Home COLUMNISTS National Assembly Ranking Rule In Picking Leaders, By Sufuyan Ojeifo

National Assembly Ranking Rule In Picking Leaders, By Sufuyan Ojeifo

Congressional leadership stability is a key feature of advanced democracies, particularly the United States of America. This is anchored on natural progression by ranking members into positions reserved for “wise men” held in high esteem by their peers, respected by the executive and trusted by the people. In the US Congress, the progression rule has been institutionalized, resulting in leadership stability in the Senate and the House of Representatives.

In Nigeria, there has been a measured attempt to copy the US Congress via pragmatism in recognizing seniority and experience when constituting the presiding officers’ positions. The ranking rule has been enshrined in the standing orders of the National Assembly and it is high time it was enforced, stricto sensu, in order to deepen the legislative convention in Nigeria.

Significantly, the convention will rid the Federal Legislature’s leadership of extraneous stuff. Consideration for the positions of senate president, speaker, deputy senate president and deputy speaker will no longer be the prerogative of the moneybags. It will not matter if a legislator is a former governor or if a legislator enjoys the support of his party leadership. If she or he is a new member, the ranking rule, ipso facto, becomes a bar.

Conversely, legislative returnees are thus properly positioned to vie for presiding officers’ spots. The convention is utilitarian by helping to eliminate rancour generated by aspirations for legislative leadership positions. When the rule is added to the deliberate zoning decision, the leadership selection becomes much more streamlined and much less acrimonious.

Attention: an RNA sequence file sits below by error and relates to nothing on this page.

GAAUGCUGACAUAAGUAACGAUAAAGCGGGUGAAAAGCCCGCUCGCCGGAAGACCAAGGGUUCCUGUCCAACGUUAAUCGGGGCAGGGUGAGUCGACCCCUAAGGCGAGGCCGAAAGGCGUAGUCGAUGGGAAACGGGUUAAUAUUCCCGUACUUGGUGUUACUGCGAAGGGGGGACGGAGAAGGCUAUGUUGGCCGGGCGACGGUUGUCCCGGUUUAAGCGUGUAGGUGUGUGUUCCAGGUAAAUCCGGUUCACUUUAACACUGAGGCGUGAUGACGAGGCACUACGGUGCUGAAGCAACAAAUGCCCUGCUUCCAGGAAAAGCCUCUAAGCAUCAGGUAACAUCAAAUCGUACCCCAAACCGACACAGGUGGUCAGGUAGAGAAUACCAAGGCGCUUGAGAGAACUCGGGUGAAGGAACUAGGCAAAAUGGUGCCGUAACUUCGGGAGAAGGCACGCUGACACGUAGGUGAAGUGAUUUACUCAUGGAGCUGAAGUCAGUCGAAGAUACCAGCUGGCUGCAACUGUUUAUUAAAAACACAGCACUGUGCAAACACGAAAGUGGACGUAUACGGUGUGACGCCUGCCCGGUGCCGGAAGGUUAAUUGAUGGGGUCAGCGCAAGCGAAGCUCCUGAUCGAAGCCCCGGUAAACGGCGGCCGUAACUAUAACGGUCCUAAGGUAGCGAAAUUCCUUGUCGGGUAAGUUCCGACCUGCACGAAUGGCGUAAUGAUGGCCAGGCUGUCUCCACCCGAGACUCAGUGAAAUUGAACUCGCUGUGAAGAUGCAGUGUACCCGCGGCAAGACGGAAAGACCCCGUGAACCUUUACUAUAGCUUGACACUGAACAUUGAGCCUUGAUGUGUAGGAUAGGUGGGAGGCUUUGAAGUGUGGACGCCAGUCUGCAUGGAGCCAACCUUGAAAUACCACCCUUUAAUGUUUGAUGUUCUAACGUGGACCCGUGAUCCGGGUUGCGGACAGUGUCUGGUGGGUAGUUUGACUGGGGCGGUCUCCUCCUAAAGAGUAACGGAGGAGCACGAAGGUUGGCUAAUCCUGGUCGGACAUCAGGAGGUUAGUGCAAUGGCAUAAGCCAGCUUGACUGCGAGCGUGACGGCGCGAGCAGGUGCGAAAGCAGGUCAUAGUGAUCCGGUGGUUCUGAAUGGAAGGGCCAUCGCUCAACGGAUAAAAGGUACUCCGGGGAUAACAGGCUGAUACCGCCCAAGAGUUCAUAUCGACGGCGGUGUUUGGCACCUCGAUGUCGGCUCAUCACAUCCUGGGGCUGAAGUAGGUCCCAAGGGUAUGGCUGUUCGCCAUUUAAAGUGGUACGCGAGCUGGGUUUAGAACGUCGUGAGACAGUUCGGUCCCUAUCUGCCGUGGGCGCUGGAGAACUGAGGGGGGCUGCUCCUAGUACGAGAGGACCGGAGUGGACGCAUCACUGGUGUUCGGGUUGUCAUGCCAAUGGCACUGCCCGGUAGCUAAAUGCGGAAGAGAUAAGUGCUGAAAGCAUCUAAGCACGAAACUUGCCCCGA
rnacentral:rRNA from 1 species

Order 3 (2) of the Senate Standing Orders 2015 as amended on election of presiding and other officers, wherein ranking rule is clearly specified, states inter alia: “Nomination of Senators to serve as Presiding Officers and appointments of Principal Officers and other Officers of the Senate or on any Parliamentary delegations shall be in accordance with the ranking of Senators. In determining ranking, the following order shall apply- (i) Senators returning based on number of times re-elected; (ii) Senators who had been members of the House of Representatives; (iii) Senators elected as Senators for the first time….”

A similar provision in the House of Representatives’ Standing Orders is captured in Order 2 (3)(a), and adumbrated in two words, to wit: legislative experience. The order specifically reads: (3) “The election of Speaker shall be conducted in the following manner: (a) “A member-elect, addressing the Clerk, shall propose another member-elect with legislative experience as member of the National Assembly to be Speaker and shall move  that such member-elect , ‘Do take the Chair as Speaker of the House of Representatives’.”

Amusingly, while in 2015, the election of presiding officers in both Chambers complied with the ranking rule with the emergence of Senator Bukola Saraki as Senate President, Senator Ike Ekweremadu as Deputy Senate President, Hon. Yakubu Dogara as Speaker of the House of Representatives and Hon. Yusuf Lasun as Deputy Speaker of the House, both the APC and PDP caucuses in the Senate circumvented the rule in the selection of some principal officers.

While against all logic and reasonable expectations, the PDP selected a new member and former governor of Akwa Ibom State, Senator Godswill Akpabio as Minority Leader, the APC looked towards the South-south zone to pick a new senator from Edo State, Francis Asekhame Alimikhena as the Deputy Chief Whip.

Clearly, the selection of Alimekhena was justifiable as it was not supremacy battle or contestation for office. The position of Deputy Chief Whip was zoned to the South-south; and, since he was the only APC senator from both the South-south and South-east zones, his selection became a fait accompli of sorts. His emergence was thus understandable.  It was a rare scenario foisted on the APC.